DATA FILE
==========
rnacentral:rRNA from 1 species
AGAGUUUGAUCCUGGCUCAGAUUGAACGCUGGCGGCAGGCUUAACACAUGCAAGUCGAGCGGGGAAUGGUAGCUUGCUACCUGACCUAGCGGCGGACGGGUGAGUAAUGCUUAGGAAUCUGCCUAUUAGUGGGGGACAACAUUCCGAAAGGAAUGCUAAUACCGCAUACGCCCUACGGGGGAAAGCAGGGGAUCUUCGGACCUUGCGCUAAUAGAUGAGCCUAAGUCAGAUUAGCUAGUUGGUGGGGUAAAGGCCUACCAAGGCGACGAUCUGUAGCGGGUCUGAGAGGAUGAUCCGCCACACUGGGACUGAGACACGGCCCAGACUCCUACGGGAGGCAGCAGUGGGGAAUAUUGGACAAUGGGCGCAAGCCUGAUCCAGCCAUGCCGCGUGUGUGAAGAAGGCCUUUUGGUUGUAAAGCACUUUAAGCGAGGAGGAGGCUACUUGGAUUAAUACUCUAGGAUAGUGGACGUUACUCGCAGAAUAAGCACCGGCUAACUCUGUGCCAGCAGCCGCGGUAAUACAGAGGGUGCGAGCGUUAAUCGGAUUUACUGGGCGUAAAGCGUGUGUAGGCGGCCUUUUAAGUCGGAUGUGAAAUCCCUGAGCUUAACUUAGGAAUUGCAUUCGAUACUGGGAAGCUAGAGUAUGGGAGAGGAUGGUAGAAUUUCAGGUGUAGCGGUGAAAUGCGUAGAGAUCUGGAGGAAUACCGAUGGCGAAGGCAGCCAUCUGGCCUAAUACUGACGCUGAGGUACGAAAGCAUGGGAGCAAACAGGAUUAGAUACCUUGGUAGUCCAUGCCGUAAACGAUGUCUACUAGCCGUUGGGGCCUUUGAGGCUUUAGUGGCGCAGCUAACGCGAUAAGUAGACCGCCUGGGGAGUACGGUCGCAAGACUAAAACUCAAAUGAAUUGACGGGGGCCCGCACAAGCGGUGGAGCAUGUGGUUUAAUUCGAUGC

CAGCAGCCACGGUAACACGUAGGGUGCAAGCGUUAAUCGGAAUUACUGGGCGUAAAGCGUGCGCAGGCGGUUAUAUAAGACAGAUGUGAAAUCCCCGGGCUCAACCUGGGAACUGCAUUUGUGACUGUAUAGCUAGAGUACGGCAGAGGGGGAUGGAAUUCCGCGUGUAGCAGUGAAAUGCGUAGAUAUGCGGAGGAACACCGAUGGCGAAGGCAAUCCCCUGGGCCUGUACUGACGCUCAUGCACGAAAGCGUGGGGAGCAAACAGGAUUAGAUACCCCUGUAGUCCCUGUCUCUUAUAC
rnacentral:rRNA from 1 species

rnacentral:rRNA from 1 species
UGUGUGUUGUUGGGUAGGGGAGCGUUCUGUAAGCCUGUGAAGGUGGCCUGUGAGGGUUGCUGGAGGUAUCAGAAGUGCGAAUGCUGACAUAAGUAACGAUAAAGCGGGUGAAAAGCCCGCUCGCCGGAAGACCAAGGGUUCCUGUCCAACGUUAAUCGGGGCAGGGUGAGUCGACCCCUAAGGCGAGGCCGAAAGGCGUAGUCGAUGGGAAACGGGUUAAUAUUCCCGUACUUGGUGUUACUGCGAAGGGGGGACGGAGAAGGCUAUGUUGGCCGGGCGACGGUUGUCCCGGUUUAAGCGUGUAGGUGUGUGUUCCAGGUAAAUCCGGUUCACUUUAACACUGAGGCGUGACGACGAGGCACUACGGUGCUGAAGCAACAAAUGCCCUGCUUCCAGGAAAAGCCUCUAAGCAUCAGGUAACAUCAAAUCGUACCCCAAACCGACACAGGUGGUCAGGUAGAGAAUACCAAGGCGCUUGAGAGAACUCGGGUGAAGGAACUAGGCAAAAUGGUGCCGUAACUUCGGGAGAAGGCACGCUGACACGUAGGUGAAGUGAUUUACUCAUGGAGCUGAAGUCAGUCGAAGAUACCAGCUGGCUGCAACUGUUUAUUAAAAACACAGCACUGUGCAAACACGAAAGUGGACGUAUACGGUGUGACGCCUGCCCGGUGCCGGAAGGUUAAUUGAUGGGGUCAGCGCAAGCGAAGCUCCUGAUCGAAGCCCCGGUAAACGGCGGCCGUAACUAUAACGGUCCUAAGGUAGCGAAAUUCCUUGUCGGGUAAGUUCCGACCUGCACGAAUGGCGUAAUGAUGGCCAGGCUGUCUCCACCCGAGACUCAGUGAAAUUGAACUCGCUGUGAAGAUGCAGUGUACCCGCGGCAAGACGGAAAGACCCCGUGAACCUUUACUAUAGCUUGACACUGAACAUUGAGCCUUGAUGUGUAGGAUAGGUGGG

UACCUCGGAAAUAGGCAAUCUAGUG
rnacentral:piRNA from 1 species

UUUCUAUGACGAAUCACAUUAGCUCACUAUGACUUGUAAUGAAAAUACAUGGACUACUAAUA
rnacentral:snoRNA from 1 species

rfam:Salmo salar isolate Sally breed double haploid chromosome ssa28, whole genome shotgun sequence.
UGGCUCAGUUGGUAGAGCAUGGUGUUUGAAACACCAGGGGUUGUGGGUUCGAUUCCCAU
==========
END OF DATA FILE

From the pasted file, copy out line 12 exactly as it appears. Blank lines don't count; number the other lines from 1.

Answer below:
UGGCUCAGUUGGUAGAGCAUGGUGUUUGAAACACCAGGGGUUGUGGGUUCGAUUCCCAU